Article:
Getting a seed round done is only the beginning of your start-up journey

Often times entrepreneurs are surprised by the relative ease with which they are able to raise seed capital. Whether funding is raised from friends and family, angels or early stage institutional investors, in most cases the premise of the funding is a good idea.  And early proof points that provide the investor confidence that the founder is capable of building a company around his or her vision. However, the bar is normally raised significantly when it comes time for a Series A.  And that heightened bar often catches founders by surprise.

90% of start-ups fail

It is broadly acknowledged that 90% of start-ups fail, however, in this article Sebastian Quintero looks at startup failure rates by stage. What he shows clearly is the rate of failure changes dramatically as you work through the growth and funding cycle.

As Virtual CFO’s and Outsourced Finance professionals, our focus is helping companies from seed to Series B and we have witnessed first hand the inflection points that come with those funding rounds. Especially the importance of the Series A.

A closer look

  • The analysis shows what most entrepreneurs would tell you, that it’s really hard to get to a Series A after a seed round. 80% of companies successful in raising a seed round never raise a series A.  However, 50% successful in Series A, reach a Series B.
  • Further, since 97% of these same companies also never exit or IPO, it is clear that the Series A is a crucial inflection point for success or failure of a Start-up.

One reason for this rate of failure is that Series A investors are looking to invest in a business, not just an idea. Since we started Positive 4 years ago, we always said that “Most businesses are started with an idea and that most fail, not because the idea was not sound, but because business got in the way.”

That means that founders need to use seed funding not only to continue development of their idea, but to begin to build a business around it. A business that is fundable.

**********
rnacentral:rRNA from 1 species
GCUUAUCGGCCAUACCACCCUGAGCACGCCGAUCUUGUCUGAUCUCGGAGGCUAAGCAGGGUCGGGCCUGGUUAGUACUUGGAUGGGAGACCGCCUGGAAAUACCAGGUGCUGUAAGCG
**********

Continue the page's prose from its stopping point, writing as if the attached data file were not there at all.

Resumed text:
With stats like these, it makes sense to get some help to ensure success.  A fractional CFO supported by outsourced finance can help an enterprise scale and create the infrastructure for funding.  And this can be done at a much lower cost than building this capacity in house.

How does it help to hire fractionally rather than in-house to achieve success?

Experience.  

An experienced and connected CFO is more likely to bring your house into order from a finance perspective. They will have the connections and knowledge about where the best investors will be for your business. They are a partner in building your business, and you do not need a full time CFO until much later in your lifecycle. Not all fractional CFOs are created equally!  Make sure yours has the relevant experience!   

Solid planning.  

A solid financial model is critical to getting investment into your company. This is not just a spreadsheet. This is a process in representing your business assumptions and KPI’s in a fashion that is understandable. You need a professional team who can help you translate your business into a model. The model should show what it will be as it grows up, and what it takes to get there.

Connecting strategy to execution across the business.

A CFO often is a key role in taking the business strategy and model and linking that to execution through a management cadence. A management cadence should leverage ongoing performance monitoring, measurement and re-forecasting.

Managing the Board Calendar.

Often times your Board members are key ambassadors with new investors. Ensuring that the Board and management are synced is critical for companies as they progress from seed to series B. A CFO is often responsible for setting and managing this calendar.

Reliable financial information.

Speaking about your financials in a consistent fashion across time horizons is important when speaking to investors. Knowing from a financial perspective how you are doing, why and what you are going to do about it is a conversation prospective investors want to have. You need to be able to speak to these numbers confidently.  If you can’t, you should consider getting some help and hiring a proficient outsourced finance team.

(hint: we do that)

If you are considering fundraising at any stage, consulting with an organization that has proven success doing this is critical. You need to lean on an expert who has helped other companies like yours achieve their goal. As a result will increase your likelihood of getting beyond seed to Series A or Series B.  

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